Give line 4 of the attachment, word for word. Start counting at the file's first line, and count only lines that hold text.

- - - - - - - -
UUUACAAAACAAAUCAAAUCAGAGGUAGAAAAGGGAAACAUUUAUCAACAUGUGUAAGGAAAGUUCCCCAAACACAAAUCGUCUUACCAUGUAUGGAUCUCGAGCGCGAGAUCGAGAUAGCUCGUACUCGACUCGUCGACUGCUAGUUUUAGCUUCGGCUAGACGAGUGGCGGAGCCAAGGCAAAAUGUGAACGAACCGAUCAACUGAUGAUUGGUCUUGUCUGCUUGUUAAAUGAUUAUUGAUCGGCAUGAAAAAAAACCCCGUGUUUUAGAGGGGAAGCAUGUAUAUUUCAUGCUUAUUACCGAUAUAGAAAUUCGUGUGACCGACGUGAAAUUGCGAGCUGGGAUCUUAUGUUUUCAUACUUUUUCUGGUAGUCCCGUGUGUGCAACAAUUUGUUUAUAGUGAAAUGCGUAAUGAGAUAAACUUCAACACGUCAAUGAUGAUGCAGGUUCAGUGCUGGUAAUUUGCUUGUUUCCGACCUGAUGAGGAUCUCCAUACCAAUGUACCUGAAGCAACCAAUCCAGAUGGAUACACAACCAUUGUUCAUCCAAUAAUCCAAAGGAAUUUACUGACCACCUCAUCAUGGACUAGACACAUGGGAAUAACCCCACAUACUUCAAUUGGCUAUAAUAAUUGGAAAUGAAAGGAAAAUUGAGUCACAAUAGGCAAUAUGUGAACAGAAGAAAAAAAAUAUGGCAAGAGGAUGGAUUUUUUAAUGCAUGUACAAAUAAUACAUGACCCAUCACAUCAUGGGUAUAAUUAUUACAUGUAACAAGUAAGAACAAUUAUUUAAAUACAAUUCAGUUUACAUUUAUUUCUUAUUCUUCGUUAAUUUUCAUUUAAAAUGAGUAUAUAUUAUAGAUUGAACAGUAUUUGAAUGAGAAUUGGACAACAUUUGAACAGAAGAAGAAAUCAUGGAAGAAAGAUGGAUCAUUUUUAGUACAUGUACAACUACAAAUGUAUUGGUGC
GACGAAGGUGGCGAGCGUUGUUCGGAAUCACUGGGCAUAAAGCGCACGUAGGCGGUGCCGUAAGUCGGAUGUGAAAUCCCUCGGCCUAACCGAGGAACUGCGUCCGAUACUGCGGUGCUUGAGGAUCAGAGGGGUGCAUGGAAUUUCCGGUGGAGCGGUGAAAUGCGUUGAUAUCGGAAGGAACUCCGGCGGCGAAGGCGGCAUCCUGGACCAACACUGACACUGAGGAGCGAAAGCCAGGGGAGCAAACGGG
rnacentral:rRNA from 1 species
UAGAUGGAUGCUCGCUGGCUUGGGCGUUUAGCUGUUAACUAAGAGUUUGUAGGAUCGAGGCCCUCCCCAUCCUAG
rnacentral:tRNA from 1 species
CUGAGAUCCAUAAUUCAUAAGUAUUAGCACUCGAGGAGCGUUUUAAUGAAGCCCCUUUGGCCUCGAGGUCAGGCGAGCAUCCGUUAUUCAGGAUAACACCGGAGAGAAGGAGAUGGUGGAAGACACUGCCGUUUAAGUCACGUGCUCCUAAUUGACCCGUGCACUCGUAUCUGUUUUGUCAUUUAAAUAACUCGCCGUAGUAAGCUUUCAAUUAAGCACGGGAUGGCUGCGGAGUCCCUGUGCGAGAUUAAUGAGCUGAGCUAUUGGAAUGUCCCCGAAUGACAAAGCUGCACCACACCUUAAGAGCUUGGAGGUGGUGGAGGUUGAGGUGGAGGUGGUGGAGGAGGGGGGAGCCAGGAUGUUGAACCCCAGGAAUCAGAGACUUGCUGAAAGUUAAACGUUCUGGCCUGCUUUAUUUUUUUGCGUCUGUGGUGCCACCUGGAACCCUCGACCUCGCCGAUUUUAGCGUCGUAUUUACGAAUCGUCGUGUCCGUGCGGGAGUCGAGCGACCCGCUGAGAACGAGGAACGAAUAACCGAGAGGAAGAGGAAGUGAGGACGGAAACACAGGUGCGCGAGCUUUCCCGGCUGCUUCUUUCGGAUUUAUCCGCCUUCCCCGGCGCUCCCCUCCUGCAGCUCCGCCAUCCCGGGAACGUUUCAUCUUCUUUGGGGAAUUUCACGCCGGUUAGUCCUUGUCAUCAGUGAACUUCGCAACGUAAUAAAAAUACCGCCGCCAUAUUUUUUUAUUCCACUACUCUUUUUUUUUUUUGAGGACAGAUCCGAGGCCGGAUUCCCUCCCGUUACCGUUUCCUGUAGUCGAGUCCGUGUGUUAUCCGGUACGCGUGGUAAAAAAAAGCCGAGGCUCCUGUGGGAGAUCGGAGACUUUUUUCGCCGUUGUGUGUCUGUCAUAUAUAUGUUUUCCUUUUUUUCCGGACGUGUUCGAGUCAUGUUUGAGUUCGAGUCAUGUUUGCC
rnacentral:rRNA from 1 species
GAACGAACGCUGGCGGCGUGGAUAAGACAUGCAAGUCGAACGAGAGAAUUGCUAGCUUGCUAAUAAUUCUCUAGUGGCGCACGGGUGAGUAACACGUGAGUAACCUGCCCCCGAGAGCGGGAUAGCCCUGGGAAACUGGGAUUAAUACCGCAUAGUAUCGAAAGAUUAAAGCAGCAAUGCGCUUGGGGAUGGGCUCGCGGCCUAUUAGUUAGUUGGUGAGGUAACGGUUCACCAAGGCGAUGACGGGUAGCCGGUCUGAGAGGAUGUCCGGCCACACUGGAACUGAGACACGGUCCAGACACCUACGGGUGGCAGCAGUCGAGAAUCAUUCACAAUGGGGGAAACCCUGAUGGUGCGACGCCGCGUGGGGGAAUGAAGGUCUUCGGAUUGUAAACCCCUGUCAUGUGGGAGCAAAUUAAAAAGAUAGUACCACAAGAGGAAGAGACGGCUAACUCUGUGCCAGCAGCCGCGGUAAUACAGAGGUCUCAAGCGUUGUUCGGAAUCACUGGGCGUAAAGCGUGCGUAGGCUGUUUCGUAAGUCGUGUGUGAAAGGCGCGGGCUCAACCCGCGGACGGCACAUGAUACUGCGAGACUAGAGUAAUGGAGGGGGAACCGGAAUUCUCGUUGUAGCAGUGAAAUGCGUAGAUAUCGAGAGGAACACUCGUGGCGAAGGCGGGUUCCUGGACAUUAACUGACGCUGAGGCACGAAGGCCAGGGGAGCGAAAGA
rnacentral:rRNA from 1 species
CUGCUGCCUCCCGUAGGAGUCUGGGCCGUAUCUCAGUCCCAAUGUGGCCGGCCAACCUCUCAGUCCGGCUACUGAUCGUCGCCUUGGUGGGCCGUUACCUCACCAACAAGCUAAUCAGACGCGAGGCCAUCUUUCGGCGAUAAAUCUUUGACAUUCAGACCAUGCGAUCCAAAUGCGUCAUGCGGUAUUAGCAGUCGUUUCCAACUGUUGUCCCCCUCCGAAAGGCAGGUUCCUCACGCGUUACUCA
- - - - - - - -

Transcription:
UAGAUGGAUGCUCGCUGGCUUGGGCGUUUAGCUGUUAACUAAGAGUUUGUAGGAUCGAGGCCCUCCCCAUCCUAG